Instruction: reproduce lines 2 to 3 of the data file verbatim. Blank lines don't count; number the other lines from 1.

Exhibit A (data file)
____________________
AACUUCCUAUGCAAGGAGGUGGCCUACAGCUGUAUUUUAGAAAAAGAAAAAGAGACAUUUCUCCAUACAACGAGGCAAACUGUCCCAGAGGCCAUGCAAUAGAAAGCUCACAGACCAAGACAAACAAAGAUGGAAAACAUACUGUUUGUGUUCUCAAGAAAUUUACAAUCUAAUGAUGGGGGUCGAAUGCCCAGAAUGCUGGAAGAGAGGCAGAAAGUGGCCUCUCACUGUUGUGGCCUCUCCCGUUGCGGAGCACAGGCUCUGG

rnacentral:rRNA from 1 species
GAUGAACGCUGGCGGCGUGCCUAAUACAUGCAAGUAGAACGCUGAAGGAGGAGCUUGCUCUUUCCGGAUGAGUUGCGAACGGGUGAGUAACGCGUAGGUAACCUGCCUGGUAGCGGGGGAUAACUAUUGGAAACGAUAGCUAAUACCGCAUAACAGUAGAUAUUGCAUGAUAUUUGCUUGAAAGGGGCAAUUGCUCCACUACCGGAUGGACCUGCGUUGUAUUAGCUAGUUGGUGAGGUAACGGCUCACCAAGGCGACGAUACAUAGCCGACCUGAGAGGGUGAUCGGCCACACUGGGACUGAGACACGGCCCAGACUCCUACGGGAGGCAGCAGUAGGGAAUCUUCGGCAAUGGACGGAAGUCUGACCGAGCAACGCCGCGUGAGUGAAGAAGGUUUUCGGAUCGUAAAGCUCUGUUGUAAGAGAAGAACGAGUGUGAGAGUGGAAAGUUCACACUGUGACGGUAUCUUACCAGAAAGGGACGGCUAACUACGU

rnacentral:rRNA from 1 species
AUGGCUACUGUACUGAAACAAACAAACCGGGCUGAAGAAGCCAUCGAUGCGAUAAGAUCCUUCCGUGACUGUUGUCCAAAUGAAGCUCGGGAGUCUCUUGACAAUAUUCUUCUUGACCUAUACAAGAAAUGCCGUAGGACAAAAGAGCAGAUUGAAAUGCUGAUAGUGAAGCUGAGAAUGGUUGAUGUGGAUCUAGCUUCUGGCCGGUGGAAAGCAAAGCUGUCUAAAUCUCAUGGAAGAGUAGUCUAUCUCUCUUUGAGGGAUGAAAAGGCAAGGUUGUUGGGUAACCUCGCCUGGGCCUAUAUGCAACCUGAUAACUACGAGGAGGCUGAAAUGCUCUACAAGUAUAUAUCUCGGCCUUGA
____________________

rnacentral:rRNA from 1 species
GAUGAACGCUGGCGGCGUGCCUAAUACAUGCAAGUAGAACGCUGAAGGAGGAGCUUGCUCUUUCCGGAUGAGUUGCGAACGGGUGAGUAACGCGUAGGUAACCUGCCUGGUAGCGGGGGAUAACUAUUGGAAACGAUAGCUAAUACCGCAUAACAGUAGAUAUUGCAUGAUAUUUGCUUGAAAGGGGCAAUUGCUCCACUACCGGAUGGACCUGCGUUGUAUUAGCUAGUUGGUGAGGUAACGGCUCACCAAGGCGACGAUACAUAGCCGACCUGAGAGGGUGAUCGGCCACACUGGGACUGAGACACGGCCCAGACUCCUACGGGAGGCAGCAGUAGGGAAUCUUCGGCAAUGGACGGAAGUCUGACCGAGCAACGCCGCGUGAGUGAAGAAGGUUUUCGGAUCGUAAAGCUCUGUUGUAAGAGAAGAACGAGUGUGAGAGUGGAAAGUUCACACUGUGACGGUAUCUUACCAGAAAGGGACGGCUAACUACGU